We really like this example of mutlinational handbooks, since they were developed using multiple sources (U.S. and other countries), and not restricted, and global in nature….not U.S. centric.
PLATINUM Jack Davis, Virtual Dean of US All-Source Analytic Corps
For over three decades, Jack Davis has been the heir to Sherman Kent and the mentor to all those who would strive to be the world’s most effective all-source intelligence analysts. As a Central Intelligence Agency analyst and educator, he combines intellect, integrity, insight, and an insatiable appetite for interaction with all manner of individuals regardless of rank and disposition. He is the most able pioneer of “analytic tradecraft,” the best proponent for the value of human analysis over technical processing, and one of those very special individuals who helped define the end of 20th Century centralized analysis and the beginning of 21st Century distributed multinational multiagency analysis.
Note: Awarded in advance of IOP ’07 to celebrate Jack Davis’ 50th uninterrupted year as an all-source analyst and mentor to all analysts.
The Compendium is 45 pages in all and consists of a Foreword, Summary, and then ten Notes to Analysts:
Note 1: Addressing US Interests in DI Assessments
Note 2: Access and Crediblity
Note 3: Articulation of Assumptions
Note 4: Outlook
Note 5: Facts and Sourcing
Note 6: Analytic Expertise
Note 7: Effective Summary
Note 8: Implementation Analysis
Note 9: Conclusions
Note 10: Tradecraft and Counterintelligence
General Al Gray, USMC, then Commandant of the Marine Corps (CMC) created the Marine Corps Intelligence Center (MCIC) at the same time that he created the Marine Corps University (MCU). He was guided by the reality that the larger serices–the Army, Navy, and Air Force–devoted all of their attention to trainng, equipping, and organizing for “Big War” against the Soviet Union and China. He also recognized that there were many strategic assumptions in the Planning, Programming, and Budgeting System (PPBS), including the assumption, by the large services, that they would have lead times for deploying and employing forces abroad.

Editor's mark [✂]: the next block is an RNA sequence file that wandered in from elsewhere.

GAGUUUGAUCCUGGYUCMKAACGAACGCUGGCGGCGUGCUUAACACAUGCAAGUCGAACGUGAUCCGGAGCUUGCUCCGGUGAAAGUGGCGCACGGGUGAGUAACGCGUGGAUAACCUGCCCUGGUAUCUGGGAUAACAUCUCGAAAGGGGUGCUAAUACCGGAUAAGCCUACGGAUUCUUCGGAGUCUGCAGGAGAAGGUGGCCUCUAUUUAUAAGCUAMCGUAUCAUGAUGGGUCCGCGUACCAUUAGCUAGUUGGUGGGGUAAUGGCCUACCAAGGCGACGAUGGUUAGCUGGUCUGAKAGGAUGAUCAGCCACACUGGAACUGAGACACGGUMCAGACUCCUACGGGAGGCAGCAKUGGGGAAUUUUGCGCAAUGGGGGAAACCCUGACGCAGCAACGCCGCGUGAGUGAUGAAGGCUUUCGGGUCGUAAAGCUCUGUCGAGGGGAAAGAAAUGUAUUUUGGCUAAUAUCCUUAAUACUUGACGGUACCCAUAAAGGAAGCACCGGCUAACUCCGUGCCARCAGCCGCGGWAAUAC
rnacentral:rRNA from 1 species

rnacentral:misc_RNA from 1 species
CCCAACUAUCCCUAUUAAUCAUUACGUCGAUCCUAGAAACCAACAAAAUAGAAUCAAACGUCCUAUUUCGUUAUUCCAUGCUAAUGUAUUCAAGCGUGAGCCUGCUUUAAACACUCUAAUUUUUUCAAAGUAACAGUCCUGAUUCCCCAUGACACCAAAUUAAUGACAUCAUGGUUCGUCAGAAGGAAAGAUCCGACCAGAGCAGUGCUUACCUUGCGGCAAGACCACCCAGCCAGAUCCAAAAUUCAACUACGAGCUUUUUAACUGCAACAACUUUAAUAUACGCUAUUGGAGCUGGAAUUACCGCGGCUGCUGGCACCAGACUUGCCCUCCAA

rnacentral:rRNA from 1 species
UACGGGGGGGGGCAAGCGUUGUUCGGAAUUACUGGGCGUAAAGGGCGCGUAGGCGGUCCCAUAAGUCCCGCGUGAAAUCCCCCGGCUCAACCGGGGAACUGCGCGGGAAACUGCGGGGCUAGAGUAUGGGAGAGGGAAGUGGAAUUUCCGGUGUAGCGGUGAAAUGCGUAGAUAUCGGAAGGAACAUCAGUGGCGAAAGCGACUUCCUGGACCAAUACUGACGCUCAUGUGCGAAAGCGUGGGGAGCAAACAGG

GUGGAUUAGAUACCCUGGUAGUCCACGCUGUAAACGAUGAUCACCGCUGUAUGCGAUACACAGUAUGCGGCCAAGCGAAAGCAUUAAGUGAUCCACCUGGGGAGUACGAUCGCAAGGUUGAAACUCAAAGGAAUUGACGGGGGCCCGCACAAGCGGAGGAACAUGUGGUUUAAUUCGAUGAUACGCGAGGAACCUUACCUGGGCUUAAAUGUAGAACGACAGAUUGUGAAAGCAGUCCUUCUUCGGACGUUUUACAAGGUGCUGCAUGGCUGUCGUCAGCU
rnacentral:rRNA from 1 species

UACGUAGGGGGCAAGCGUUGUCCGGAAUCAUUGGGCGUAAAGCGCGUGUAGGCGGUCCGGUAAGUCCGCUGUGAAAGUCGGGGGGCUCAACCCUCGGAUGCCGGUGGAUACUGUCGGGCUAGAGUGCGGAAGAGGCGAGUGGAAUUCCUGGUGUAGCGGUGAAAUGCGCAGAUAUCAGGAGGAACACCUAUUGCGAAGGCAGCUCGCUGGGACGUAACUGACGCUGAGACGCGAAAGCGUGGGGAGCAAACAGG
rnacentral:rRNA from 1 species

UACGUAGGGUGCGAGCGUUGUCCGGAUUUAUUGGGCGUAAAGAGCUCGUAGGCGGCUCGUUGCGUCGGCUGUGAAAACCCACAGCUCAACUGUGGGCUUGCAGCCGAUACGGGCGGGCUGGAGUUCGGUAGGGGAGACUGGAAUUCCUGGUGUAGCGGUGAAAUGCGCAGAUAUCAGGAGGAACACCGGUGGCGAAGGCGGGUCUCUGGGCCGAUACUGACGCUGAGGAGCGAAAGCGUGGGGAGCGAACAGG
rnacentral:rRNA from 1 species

The U.S. Marine Corps, as the Nation’s force in readiness, did not and does not have that luxury. It is unique in three respects:
1) It is a Congressionally-mandated combined arms force;
2) It is intended to excel at littoral and expeditionary operations including opposed amphibious landings and Non-Combatant Evacuation Operations (NEO); and third
3) It must have, to be successful, the lightest possible logistics and mobility foot-print.
Below are two slides thaf illustrate the power of the Expeditionary Analytic Model that was devised for MCIC. The firt shows the importance of holistic analytic of military, civil, and natural factors at each of the four levels of war and peace. The second shows that the threat depends on the level of analysis (including the duration and purpose of the mission).
Below are the first pages leading to the entire documents of the Strategic Generalizations that were derived from a properly-constructed holistic model, generalization that should but do not guide how we train, equip, and organized our military; and the model itself, which uniquely also established degrees of difficulty for each mission area factor, degrees of difficulty defined by the respective operational managers in their terms.
Below is the briefing on the Model and its Findings as prepared for Marine Corps leaders at all levels. The strategic generalization are very important–for example, the expeditionary environment is characterized by a hot humid day, not the “standard aviation day” that the Navy and Air Force build airplanes to, which is not hot and not humid. THIS MEANS that for the Marine Corps, any aircraft built to Navy and Marine Corps specification is automatically degrated at full operational capability (FOC) to half the lift, half the range, and half the loiter time over Marines on the ground being supported.